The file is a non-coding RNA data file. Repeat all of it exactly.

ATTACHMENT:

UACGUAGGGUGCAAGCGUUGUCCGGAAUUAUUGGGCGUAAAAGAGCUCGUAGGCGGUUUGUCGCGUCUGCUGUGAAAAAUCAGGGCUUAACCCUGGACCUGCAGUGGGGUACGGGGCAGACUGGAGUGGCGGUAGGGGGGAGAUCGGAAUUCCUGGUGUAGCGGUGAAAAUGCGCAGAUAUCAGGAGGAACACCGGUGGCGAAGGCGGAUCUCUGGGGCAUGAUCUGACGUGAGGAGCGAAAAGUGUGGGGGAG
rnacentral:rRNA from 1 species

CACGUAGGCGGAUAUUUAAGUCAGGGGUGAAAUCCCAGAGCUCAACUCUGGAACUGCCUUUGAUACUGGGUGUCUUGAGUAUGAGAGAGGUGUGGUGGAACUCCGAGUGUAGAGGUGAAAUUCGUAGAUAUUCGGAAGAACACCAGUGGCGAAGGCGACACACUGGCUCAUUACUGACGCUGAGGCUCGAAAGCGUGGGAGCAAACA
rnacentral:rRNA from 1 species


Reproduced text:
UACGUAGGGUGCAAGCGUUGUCCGGAAUUAUUGGGCGUAAAAGAGCUCGUAGGCGGUUUGUCGCGUCUGCUGUGAAAAAUCAGGGCUUAACCCUGGACCUGCAGUGGGGUACGGGGCAGACUGGAGUGGCGGUAGGGGGGAGAUCGGAAUUCCUGGUGUAGCGGUGAAAAUGCGCAGAUAUCAGGAGGAACACCGGUGGCGAAGGCGGAUCUCUGGGGCAUGAUCUGACGUGAGGAGCGAAAAGUGUGGGGGAG
rnacentral:rRNA from 1 species

CACGUAGGCGGAUAUUUAAGUCAGGGGUGAAAUCCCAGAGCUCAACUCUGGAACUGCCUUUGAUACUGGGUGUCUUGAGUAUGAGAGAGGUGUGGUGGAACUCCGAGUGUAGAGGUGAAAUUCGUAGAUAUUCGGAAGAACACCAGUGGCGAAGGCGACACACUGGCUCAUUACUGACGCUGAGGCUCGAAAGCGUGGGAGCAAACA
rnacentral:rRNA from 1 species